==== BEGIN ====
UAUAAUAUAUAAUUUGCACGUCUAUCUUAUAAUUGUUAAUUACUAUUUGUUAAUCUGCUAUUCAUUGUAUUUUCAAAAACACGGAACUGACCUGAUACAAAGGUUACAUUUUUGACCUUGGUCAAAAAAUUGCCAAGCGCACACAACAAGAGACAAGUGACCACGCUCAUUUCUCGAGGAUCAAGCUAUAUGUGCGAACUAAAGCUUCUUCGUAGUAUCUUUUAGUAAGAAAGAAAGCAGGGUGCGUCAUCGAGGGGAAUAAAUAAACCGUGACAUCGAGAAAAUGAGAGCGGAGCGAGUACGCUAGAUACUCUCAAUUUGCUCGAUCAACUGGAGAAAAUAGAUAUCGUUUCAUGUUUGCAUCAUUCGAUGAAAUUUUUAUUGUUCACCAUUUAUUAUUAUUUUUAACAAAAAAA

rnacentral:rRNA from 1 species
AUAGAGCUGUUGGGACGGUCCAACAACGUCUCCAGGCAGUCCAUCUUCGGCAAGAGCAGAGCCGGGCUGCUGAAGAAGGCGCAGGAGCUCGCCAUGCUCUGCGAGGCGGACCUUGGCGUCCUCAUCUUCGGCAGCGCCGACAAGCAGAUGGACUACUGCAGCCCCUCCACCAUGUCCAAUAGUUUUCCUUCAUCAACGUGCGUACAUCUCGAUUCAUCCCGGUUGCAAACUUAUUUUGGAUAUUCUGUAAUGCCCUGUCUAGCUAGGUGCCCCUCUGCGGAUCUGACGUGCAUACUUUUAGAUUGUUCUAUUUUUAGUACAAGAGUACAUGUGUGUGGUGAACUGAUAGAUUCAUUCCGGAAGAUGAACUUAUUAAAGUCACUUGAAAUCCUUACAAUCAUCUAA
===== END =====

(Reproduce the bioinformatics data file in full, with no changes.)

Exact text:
UAUAAUAUAUAAUUUGCACGUCUAUCUUAUAAUUGUUAAUUACUAUUUGUUAAUCUGCUAUUCAUUGUAUUUUCAAAAACACGGAACUGACCUGAUACAAAGGUUACAUUUUUGACCUUGGUCAAAAAAUUGCCAAGCGCACACAACAAGAGACAAGUGACCACGCUCAUUUCUCGAGGAUCAAGCUAUAUGUGCGAACUAAAGCUUCUUCGUAGUAUCUUUUAGUAAGAAAGAAAGCAGGGUGCGUCAUCGAGGGGAAUAAAUAAACCGUGACAUCGAGAAAAUGAGAGCGGAGCGAGUACGCUAGAUACUCUCAAUUUGCUCGAUCAACUGGAGAAAAUAGAUAUCGUUUCAUGUUUGCAUCAUUCGAUGAAAUUUUUAUUGUUCACCAUUUAUUAUUAUUUUUAACAAAAAAA

rnacentral:rRNA from 1 species
AUAGAGCUGUUGGGACGGUCCAACAACGUCUCCAGGCAGUCCAUCUUCGGCAAGAGCAGAGCCGGGCUGCUGAAGAAGGCGCAGGAGCUCGCCAUGCUCUGCGAGGCGGACCUUGGCGUCCUCAUCUUCGGCAGCGCCGACAAGCAGAUGGACUACUGCAGCCCCUCCACCAUGUCCAAUAGUUUUCCUUCAUCAACGUGCGUACAUCUCGAUUCAUCCCGGUUGCAAACUUAUUUUGGAUAUUCUGUAAUGCCCUGUCUAGCUAGGUGCCCCUCUGCGGAUCUGACGUGCAUACUUUUAGAUUGUUCUAUUUUUAGUACAAGAGUACAUGUGUGUGGUGAACUGAUAGAUUCAUUCCGGAAGAUGAACUUAUUAAAGUCACUUGAAAUCCUUACAAUCAUCUAA